From Wonkblog, “The Tuition is Too Damn High” is a 10-part series on the causes and consequences of — and potential fixes for — the skyrocketing costs of higher education. Oh, we may say our colleges are the best in the world while we secretly believe they’re an overpriced rip-off, but leave it to Thomas Frank to ask whether they’re the best in the world at committing the rip-off. Haley Sweetland Edwards on America’s worst community colleges: The San Francisco Bay Area’s economy may be high tech, but its community colleges are the bottom of the barrel. Kevin Carey on those self-defeating lobbyists at One Dupont Circle: Higher education's representatives in Washington are making themselves vulnerable to an accumulation of outrage. Claire Goldstene on the emergent academic proletariat and its shortchanged students. Keith O’Brien on the trouble with grade inflation: It works — easy A’s really do open doors, suggests a new study. Asha Rangappa on how the path to getting into an elite school has long been shrouded in mystery — it’s up to us, the admissions officers, to lift the veil. The Complainers: Graham Hillard goes online with The Chronicle of Higher Education. The use of journal rankings to rate individual papers, scientists, and even programs has upset loads of people in academia; one paper’s solution: Get rid of journals. Michael Billig on why academics can’t write. Martin Kicho on dissertations with titles that warrant a double-take. Christina H. Paxson on the economic case for saving the humanities.


John Protevi (LSU): Evolution, Neuroscience, and Prosocial Behavior in Disasters. From Insurgent Notes, Matthew Quest on C.L.R. James’s conflicted intellectual legacies on Mao Tse Tung’s China. Charlie Smith on why a nascent Vancouver Island separatist movement matters. You can download Sociocultural Systems: Principles of Structure and Change by Frank W. Elwell. Amanda Hess on how marriage is the new middle-class luxury item. Trevor Timm on how the NSA misleads the public without technically lying. Ian Leslie on why Malcolm Gladwell is underrated: “There, I said it”. From TNR, Gordon Silverstein on how Obama just increased executive power again; and Julia Ioffe on Rand Paul's Syria Bible thumping: Why does he only seem to care about the country's Christians? The introduction to Mass Flourishing: How Grassroots Innovation Created Jobs, Challenge, and Change by Edmund Phelps. Bruce Schneier on how the US government has betrayed the Internet — we need to take it back. Jester and Priest: John Connelly on how the great Polish philosopher Leszek Kolakowski went from being an anticlerical scourge to an apostle of John Paul II. From Mute, is black a colour, the absence of colour or a suspension of vision produced by a deprivation of light? Eugene Thacker considers the philosophical implications of blackness. Jonathan Chait on how Republicans and business are getting along just fine: “In American politics you go to war with the coalition you have” (and more).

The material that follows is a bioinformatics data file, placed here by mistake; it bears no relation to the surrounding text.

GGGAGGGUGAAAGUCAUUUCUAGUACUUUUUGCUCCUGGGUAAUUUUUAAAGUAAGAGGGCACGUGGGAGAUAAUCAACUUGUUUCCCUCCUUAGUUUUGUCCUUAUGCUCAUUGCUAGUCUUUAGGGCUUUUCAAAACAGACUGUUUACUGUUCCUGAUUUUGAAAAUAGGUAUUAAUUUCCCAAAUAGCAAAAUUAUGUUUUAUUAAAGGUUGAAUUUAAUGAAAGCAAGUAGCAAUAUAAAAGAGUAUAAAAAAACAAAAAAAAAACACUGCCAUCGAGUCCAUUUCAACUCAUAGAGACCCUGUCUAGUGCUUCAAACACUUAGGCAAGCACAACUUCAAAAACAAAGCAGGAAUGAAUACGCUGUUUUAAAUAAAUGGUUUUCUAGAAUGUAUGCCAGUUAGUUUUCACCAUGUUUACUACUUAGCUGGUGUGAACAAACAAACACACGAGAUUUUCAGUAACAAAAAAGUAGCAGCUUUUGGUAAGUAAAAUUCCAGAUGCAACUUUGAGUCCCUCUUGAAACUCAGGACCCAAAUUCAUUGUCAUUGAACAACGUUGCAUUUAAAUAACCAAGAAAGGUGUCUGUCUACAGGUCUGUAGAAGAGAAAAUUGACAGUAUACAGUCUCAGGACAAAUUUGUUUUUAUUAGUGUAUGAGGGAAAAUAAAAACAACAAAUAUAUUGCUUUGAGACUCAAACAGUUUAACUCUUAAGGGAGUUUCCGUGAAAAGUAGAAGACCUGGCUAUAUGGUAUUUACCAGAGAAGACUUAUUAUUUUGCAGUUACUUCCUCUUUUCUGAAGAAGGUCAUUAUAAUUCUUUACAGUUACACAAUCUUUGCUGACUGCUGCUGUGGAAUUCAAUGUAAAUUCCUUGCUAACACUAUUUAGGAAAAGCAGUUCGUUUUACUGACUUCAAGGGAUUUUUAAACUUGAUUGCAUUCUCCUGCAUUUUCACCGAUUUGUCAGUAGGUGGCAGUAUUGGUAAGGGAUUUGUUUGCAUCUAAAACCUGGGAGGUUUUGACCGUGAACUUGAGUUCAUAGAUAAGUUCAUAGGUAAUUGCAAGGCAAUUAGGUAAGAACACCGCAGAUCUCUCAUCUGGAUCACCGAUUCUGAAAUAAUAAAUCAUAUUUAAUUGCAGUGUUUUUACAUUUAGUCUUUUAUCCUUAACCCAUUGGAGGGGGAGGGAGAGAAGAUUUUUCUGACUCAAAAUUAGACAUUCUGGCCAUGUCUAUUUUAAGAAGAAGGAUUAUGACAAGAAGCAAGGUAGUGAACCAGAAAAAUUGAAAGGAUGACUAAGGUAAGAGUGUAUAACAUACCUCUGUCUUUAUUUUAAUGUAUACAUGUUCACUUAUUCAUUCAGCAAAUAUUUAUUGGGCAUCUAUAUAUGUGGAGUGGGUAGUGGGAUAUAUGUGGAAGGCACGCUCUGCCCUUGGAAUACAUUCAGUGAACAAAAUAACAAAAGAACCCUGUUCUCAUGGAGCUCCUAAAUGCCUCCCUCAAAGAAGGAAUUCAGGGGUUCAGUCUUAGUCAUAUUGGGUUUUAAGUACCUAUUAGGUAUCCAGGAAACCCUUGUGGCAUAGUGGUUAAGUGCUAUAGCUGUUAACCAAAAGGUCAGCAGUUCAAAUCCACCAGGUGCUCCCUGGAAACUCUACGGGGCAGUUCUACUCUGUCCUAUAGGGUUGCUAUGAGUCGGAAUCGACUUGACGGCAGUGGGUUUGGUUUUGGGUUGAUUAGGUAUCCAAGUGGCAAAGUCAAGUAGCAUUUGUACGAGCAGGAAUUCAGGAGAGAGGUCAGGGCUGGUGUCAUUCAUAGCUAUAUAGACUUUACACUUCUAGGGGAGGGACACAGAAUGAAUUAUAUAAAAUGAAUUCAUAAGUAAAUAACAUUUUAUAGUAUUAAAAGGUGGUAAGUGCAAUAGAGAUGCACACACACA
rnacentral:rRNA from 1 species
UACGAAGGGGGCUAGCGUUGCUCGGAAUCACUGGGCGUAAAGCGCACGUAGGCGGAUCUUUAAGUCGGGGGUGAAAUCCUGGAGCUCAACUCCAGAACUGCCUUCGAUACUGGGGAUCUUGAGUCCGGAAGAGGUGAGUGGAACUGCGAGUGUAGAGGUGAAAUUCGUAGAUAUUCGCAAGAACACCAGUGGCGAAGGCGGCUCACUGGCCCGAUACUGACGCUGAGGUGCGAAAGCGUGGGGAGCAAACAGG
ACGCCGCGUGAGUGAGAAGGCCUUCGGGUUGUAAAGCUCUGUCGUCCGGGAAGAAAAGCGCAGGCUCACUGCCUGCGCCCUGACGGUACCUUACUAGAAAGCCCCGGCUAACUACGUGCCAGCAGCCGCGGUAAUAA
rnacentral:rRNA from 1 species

Christina Kiel (UNO): Non-State Conflict Management and Civil War Duration: Do NGO Interventions Contribute to Shorter Civil Wars? Benjamin Schrader (Hawaii): Forged in War, Battling for Peace. The business of fighting: Mark Reutter reviews A Call to Arms: Mobilizing America for World War II by Maury Klein. What makes America so prone to intervention? Noah Berlatsky interviews Stanley Hauerwas, pacifist theologian, on Syria and why "humanitarianism" is a red herring. From n+1, a solution from hell: In honor of the coming Syria intervention, a piece about the Libya intervention (and a response). From Wonkblog, an interview with Anthony Cordesman of the Center for Strategic and International Studies on how Syria missile strikes might actually work; Ezra Klein on 10 things that could go very wrong if we attack Syria; Lydia DePillis on three big ways the U.S. could help Syrians without using the military; and Brad Plumer on everything you need to know about Syria’s chemical weapons. Don't worry about chemical weapons becoming the new norm. There is no better evidence of the long shadow that the Iraq war continues to case that, while in 2003 the British Parliament supported intervention against the mere possibility that weapons of mass destruction might be used, ten years later the British Parliament voted against it after they had actually been used (and more). Tom Engelhardt on Barbie, Joe, Darth Vader, and making war in children’s culture; and on Star Wars, G.I. Joe, Rambo, Red Dawn, and how a tale of American triumphalism was returned to the child’s world.

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